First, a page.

A.K.: The philosophy of legislation should be changed. This question was discussed at the meeting of the Committee on Modernization and Technological Development under the chairmanship of President Dmitry Medvedev in March of last year. Following the results of the meeting, an instruction was given to submit proposals on improvement of the regulatory and legal framework in the design, construction and operation of fuel and energy sector facilities, primarily oil and gas processing plants, as related to a change of existing safety requirements by October. Studying foreign experience and current trends of technology development toward provision of the required industrial safety level was encouraged.

Gazprom Nest has prepared the corresponding proposals and forwarded them to the Ministry of Energy.

The concept of the switchover from directive safety management to a goal-setting one has already received preliminary approval. This is a substantial document, in the development of which we have involved consultants and specialized design institutes, including those in the West.

As the switchover requires both organizational and technical arrangements, we propose the introduction of new standards from 2015. And the remaining time should be spent on bringing all necessary regulatory enactments into compliance with the new requirements.

By July 1, 2011, we want to create a new regulatory document which will form the basis for the shift to the new system. The working title of this regulation is "About Safety of Designed, Constructed and Operated Facilities of Oil and Gas Processing, Petrochemical and Gas Chemical Plants". It is now being discussed, and the responses are generally positive; in particular, we are supported by the Ministry of Energy.

Because the new industrial safety regulation system assumes a radical change of supervision methods, we will continue to work with the supervisory agencies.

It should be noted that if Rostekhnadzor's inspectors, checking facilities for their compliance with regulatory requirements, now verify wall thickness, distance between tanks, number of stand-by pumps, etc., after the switchover to the new system, they will have to analyze the risk assessment method and supervise compensatory measures proposed by companies.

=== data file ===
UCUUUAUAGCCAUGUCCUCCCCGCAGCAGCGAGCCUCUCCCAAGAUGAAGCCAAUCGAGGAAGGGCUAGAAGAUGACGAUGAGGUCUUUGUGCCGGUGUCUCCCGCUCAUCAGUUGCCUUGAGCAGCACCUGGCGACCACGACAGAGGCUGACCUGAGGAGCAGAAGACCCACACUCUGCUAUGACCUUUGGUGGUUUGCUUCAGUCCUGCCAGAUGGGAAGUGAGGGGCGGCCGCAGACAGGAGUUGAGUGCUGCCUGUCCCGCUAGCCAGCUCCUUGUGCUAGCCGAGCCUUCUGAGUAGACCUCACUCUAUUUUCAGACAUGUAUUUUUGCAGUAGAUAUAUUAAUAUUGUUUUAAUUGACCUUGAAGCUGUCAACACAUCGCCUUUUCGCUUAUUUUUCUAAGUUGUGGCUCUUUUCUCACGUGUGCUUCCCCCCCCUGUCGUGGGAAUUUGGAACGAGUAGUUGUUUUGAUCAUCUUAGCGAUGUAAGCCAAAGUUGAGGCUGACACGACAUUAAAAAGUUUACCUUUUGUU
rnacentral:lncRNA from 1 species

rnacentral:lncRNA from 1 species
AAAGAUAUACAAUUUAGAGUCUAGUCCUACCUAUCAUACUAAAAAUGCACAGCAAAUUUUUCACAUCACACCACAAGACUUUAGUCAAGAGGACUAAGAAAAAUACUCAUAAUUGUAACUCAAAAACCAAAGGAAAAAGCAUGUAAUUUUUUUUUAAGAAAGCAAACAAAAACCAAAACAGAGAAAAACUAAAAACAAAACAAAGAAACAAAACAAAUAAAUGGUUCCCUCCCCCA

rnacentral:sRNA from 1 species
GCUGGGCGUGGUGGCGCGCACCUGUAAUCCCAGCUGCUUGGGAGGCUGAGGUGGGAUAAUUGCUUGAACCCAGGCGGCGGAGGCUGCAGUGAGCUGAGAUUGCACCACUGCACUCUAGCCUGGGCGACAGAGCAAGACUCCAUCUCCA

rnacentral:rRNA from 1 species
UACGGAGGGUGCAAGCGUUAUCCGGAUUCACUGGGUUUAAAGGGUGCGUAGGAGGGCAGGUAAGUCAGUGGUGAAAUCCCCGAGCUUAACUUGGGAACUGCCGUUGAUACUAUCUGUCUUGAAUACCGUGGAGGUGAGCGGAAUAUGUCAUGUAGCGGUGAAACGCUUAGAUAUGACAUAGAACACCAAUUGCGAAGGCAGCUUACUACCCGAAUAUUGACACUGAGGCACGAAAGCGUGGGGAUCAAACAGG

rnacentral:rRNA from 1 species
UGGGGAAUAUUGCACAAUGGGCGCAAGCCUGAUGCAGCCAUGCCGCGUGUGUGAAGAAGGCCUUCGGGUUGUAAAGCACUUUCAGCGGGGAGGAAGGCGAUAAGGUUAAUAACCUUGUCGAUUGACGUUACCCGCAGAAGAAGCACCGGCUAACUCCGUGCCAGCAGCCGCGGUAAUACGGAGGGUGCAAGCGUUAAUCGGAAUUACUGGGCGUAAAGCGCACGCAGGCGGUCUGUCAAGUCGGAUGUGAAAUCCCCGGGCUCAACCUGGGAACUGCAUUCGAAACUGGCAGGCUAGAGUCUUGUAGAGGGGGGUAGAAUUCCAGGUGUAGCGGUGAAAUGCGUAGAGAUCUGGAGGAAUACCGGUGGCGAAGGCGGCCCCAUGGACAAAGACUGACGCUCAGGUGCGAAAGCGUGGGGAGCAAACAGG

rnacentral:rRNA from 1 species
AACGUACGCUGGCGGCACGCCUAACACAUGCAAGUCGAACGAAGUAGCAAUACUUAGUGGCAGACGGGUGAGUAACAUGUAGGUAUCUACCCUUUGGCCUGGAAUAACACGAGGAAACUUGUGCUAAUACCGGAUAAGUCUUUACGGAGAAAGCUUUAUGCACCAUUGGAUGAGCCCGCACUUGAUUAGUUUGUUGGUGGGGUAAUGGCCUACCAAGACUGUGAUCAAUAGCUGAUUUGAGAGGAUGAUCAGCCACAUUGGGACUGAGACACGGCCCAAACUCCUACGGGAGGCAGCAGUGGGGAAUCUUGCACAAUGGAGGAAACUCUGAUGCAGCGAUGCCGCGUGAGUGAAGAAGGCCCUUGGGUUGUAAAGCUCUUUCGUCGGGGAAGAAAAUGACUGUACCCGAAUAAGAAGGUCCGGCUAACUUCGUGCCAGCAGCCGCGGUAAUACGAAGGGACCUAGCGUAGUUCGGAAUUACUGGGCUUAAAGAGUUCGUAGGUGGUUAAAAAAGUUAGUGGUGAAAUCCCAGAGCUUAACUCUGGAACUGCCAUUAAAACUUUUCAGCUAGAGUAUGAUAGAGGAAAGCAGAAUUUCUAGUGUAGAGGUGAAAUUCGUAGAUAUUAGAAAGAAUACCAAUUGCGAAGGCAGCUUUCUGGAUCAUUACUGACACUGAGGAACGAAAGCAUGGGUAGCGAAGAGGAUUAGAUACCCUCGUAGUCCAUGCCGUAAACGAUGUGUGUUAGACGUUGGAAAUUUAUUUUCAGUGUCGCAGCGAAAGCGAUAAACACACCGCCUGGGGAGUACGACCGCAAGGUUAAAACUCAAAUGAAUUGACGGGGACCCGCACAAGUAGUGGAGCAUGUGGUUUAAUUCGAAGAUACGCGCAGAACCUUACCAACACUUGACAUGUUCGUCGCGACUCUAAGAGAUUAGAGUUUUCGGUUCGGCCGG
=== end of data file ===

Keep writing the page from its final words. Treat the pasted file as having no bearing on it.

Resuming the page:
Therefore, a single, scientifically grounded procedure of safety assessment has to be created in the industry at the stages of facility design, construction and operation.

Ed.: Everyone – designers, builders and equipment suppliers – will have to readjust. To what extent are they ready for change?

A.K.: Of course, the new system will complicate the work of the whole chain. To a lesser extent with regard to builders, because it makes no difference for them how to build. It is quite a different story for designers. Now, they design facilities relying on, conditionally speaking, existing standards. In new conditions, however, together with the customer, they will have to offer a technical solution that will ensure the required level of industrial safety.

The question is to what extent our design institutes are ready for the reforms. Some institutes assure that they are ready, others feel more comfortable to work in existing conditions.

We believe that a four-year transition period is quite sufficient for the readjustment, by training personnel etc.

As far as furnishing with equipment is concerned, I am sure that use of the new approach to safety regulation for construction and operation of oil refining plants will stimulate the development of mechanical engineering, instrument making, electronics and other related industries.

In other words, it will create a natural demand for the latest equipment, such as high-tech pumps, instruments, automation equipment and fire-extinguishing facilities. Russian enterprises are currently mostly oriented towards release of metal structures, concrete, etc., although we are striving for oil industry modernization.

Ed.: Will domestic equipment producers have time to readjust, taking into account that they are behind their western competitors in terms of technological development?

A.K.: Yes, imported technologies and products may have to be used at first.

But we have four years in reserve, and this time can be spent creating new plants or joint ventures.

In addition, Russian products are quite competitive on the market. This is confirmed by 2010 results: more than 90% of Gazprom Neft's purchases is represented by domestic equipment.

Only in exceptional cases, we purchase local submersible equipment for the producing block from Baker Hughes and Schlumberger. In 96% of instances, we use equipment manufactured at Russian plants Borets, ALNAS and Novomet. Moreover, these plants are developing, and I think that import substitution will only increase in the nearest future, even in such a segment as electrical submersible pump units.

Gazprom Neft uses imported equipment primarily in oil refining.

From abroad, we purchase sophisticated pumps which are not manufactured in our country, and also compressors if Russian equipment manufacturers cannot provide the consumer properties that we require. In addition, we buy foreign enterprise management systems.

In our opinion, having created steady demand in current high-tech equipment and materials, the new safety regulation philosophy may become one of the elements of the modernization of domestic industry.